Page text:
My family and I moved to Lee County from upstate New York about 6 years ago. We moved for several reasons. Our property values were decreasing while our property taxes were increasing, and the public school system was failing our children. We wanted to find a place with good schools, low taxes, and a conservative constituency so that our children would learn to contribute to their community, rather than expect government to answer all of the ills of society. Basically, we voted with our feet.
I had been reading the newspapers in several communities in the years before we moved. The News-Press was one of them. From the articles, I got a sense that Lee County was a community of people who shared our values. When I looked into the schools, I was encouraged. I learned that one’s zip code did not dictate the quality of education. I also learned about the programs available – International Baccalaureate, Career Academies, Arts and Cambridge - and determined they would surely meet the needs of my own children in the years to come. Another reason we found Lee County attractive was the fact that the School District had never in its history exercised an option for a discretionary tax.
I am a conservative who wants to raise my family in a conservative community. This, at its very core, means low taxes. It also means local control. Public education is perhaps, the arena of government that best exemplifies the need for local control. Policy coming out of Tallahassee or Washington, D.C. cannot possibly meet the unique needs of our community.
For these reasons it might seem ironic that I am educating voters on the need for a half cent sales tax, but I have learned a lot about the funding of our schools. Over the past decade, the state removed our ability to charge .5 mill in property taxes, resulting in a $200 million dollar decrease per year in capital funding for our schools. In addition, Public Education Capital Outlay (PECO) dollars have been all but eliminated.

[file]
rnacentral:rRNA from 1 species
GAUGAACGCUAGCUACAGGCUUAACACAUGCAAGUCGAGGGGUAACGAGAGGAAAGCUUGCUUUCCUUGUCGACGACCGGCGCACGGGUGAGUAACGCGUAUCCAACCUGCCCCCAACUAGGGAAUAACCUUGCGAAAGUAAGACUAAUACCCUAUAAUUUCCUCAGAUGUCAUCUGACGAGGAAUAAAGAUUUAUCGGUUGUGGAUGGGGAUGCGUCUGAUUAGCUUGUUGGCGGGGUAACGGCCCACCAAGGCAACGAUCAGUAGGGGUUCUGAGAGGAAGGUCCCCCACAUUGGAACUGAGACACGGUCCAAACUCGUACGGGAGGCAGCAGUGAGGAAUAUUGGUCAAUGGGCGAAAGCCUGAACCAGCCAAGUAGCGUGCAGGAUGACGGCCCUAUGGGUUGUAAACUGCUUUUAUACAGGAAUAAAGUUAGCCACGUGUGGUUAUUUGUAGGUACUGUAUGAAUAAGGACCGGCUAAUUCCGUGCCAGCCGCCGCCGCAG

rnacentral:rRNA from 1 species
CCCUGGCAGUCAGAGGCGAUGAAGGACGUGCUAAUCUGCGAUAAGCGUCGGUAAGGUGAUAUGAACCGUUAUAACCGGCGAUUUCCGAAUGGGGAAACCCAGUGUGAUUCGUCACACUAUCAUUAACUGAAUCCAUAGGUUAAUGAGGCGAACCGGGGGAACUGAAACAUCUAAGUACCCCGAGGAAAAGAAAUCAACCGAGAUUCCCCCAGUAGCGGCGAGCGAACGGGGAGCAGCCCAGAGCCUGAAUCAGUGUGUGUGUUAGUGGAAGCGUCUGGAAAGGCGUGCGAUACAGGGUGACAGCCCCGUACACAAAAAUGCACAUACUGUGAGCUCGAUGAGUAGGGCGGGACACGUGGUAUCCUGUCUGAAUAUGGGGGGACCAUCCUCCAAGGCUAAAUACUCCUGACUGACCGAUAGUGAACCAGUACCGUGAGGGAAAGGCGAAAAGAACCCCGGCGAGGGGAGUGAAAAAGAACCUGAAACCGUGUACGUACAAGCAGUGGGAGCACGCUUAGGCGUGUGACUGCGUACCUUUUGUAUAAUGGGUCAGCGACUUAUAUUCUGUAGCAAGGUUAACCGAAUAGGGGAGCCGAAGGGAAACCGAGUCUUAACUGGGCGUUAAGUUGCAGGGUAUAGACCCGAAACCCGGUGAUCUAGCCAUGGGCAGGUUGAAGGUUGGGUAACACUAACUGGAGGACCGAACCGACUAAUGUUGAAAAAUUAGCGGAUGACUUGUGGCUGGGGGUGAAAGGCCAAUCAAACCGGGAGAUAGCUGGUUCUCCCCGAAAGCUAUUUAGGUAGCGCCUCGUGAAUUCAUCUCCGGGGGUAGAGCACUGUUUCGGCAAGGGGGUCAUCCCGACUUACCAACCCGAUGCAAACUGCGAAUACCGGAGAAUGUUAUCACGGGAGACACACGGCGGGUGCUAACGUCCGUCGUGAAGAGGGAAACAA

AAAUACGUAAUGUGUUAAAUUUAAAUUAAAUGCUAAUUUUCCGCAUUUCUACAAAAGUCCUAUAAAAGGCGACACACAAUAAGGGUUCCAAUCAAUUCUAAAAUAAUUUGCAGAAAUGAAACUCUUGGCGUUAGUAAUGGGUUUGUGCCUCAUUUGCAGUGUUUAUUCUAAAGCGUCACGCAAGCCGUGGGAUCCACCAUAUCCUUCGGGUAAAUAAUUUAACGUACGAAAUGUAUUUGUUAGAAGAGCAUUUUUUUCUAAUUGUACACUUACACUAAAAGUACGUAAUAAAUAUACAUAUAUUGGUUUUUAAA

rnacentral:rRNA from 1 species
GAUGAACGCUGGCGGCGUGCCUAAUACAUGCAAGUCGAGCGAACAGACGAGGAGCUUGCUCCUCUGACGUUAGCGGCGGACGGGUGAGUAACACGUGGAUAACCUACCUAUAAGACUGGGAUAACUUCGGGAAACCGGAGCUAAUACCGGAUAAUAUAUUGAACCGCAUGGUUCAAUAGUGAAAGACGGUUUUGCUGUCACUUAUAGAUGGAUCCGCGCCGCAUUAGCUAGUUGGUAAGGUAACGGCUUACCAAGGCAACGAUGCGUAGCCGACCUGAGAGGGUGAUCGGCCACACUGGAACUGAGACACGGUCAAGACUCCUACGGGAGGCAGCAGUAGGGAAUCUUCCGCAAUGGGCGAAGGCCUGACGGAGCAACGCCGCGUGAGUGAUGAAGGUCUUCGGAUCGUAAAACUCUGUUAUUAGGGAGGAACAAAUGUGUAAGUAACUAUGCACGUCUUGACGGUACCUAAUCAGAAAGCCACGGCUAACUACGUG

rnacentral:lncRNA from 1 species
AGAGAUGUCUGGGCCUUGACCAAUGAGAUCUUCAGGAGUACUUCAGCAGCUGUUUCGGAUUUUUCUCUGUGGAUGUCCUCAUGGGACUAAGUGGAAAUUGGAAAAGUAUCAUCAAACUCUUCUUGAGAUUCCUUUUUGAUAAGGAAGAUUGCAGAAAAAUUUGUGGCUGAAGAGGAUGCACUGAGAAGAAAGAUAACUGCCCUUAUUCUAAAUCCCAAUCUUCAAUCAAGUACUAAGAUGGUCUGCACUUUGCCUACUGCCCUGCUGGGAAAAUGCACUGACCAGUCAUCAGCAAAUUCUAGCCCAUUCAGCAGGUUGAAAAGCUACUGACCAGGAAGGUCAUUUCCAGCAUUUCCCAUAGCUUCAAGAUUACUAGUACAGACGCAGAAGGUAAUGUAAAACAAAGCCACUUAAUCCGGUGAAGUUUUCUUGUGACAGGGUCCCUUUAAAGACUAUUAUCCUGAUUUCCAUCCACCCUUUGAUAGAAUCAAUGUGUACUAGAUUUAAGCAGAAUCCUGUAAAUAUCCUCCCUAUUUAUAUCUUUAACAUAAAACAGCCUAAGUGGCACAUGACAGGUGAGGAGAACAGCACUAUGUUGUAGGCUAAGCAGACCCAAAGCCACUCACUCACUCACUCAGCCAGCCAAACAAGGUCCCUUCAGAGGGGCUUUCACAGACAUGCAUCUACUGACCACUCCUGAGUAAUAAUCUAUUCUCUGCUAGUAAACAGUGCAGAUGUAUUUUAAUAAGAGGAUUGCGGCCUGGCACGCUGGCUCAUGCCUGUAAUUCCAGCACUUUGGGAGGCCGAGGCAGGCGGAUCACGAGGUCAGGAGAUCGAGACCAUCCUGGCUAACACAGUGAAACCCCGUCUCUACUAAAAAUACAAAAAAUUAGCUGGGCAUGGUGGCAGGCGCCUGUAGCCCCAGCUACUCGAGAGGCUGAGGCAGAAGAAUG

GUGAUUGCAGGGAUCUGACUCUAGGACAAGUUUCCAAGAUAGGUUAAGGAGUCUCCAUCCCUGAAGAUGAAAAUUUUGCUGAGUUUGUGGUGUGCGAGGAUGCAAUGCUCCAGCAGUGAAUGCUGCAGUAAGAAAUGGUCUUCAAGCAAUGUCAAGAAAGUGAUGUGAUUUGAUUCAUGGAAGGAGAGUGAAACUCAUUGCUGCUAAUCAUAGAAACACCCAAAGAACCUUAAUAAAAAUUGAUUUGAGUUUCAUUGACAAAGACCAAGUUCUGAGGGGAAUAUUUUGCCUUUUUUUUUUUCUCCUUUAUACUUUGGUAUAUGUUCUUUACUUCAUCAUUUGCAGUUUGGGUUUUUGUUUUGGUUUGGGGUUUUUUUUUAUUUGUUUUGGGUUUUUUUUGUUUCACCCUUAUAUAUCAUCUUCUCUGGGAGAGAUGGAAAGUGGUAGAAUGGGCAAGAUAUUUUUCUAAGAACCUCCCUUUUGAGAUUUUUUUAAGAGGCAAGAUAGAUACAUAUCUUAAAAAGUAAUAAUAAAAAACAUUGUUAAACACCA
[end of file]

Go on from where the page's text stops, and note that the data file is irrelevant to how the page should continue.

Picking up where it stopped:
The funding decreases began during the recession. We, like every other local government, cut spending. We found efficiencies even when there did not seem to be any to find. We should thank the state for getting us to the point we find ourselves in today – we are lean and our students are accomplishing academic success at record levels in Lee County. But, we have been forced to tighten our belt to such an extent that we now face a capital funding crisis.
There are only 6 counties in the entire state that are growing the way we are growing. We have between 1,500 and 2,000 new students per year moving to Lee County. Our schools are at capacity. We have no place to educate these new students. If we do not act locally to generate revenue to build new schools, we will fail our students and our entire community. The other 5 growing counties all have a surtax. While the District is generating some revenue through innovative programs, we cannot “bake sale” our way out of a $478 million dollar need.
One of the primary purposes of government is building infrastructure. In the same way that the County builds new roads as more people move to Lee County, it is incumbent upon us to provide the infrastructure our children need to get an education.
Chris Patricca, School Board Member, District 3